As the cases began to rise and predictions of a lockdown in Georgia began to circulate, my wife and I decided to head to the seaside city of Batumi and hunker down. Georgia had already closed schools and soon after arriving in Batumi, there was a curfew and restaurants and many businesses were forced to shut. Every day during the lockdown I told myself how lucky we were. If I had still been in Brisbane, I would have really struggled. The timing was insane, if we had delayed anything we would have been put in a difficult position.
Over the period of the lockdown we made the most of the time by working, cooking and exercising. We walked to the supermarket about once or twice a week. We donned a mask, got our temperature checked, had hand sanitiser squirted on us and then put plastic gloves on and kept our distance from other shoppers. I was continuing to work online teaching adults in China. It was interesting to hear their experiences in lockdown, but also their determination to improve themselves during the period by learning English. Although I was really nervous the first week or so of teaching, I started to really enjoy it. I’ve struck up good relationships with many of my private students.
I should tell you that I am an introvert, so the difference between the lockdown we were experiencing and normal life wasn’t that dramatic. Being overseas for four years, the number of friends I keep in contact with has dwindled. The lockdown, however, did make me think about my relationships a bit more. I don’t drink anymore because of my Ulcerative Colitis and I’m in a much better place mentally because I moved on from my previous life as a touring musician and because of the support of my wife and her encouragement. Again, I feel very lucky to be in the position I am in now while the pandemic is unfolding.
After a few months, the number of infections in Georgia were starting to go down and the government started to allow businesses to reopen. Every two weeks a new type of business was allowed to open. There were so many people out on the seaside boulevard walking – I think they were all glad to have some sense of normalcy back. I got asked to join a boxing group when I was exercising outside one day and actually really enjoyed the social interaction. Since then I’ve even joined a band. Maybe the lockdown had more of an effect on me than I thought.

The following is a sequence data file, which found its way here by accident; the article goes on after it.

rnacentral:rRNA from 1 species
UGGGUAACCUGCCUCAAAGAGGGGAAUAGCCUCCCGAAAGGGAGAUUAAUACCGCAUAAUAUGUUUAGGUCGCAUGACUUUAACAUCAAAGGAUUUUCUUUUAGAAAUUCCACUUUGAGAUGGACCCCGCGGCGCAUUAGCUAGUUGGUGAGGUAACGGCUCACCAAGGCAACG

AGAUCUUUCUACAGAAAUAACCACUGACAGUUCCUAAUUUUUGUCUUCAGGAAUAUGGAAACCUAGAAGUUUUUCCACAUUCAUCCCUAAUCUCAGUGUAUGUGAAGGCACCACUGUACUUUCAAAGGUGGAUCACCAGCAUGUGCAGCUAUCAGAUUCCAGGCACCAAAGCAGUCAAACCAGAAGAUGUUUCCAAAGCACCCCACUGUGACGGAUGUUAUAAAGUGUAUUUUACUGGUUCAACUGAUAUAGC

My wife and I were able to travel within the country again, but we still wanted to play it safe, so we took advantage of an offer to go and help out a guesthouse and community project in a regional area in Georgia. Things were looking good and although we still had to wear masks indoors, everything was now open.
About two or three weeks ago, though, the situation started to change and the numbers have started to rise again. We didn’t want to get stuck, so we decided to head back to Tbilisi (the capital city) and lock in some more long-term accommodation.
The government thinks it can handle this second wave in terms of hospital admissions, so we’ll see what happens. Their strategy now is to place regulations on specific areas where there is an outbreak and to increase testing. We’ll see what happens over the next couple of weeks.
In terms of the future, we’re still considering our options. We are used to changing plans and the coronavirus just adds another dimension to that. For now, we are starting to learn Georgian and wondering just how long we’ll end up staying here. We’ll try to focus on the things we can control.
If you got this far, I hope you enjoyed my story. I look forward to reading other stories on this site and I hope that for those who are having a difficult time during this pandemic that it can serve as some therapy for you.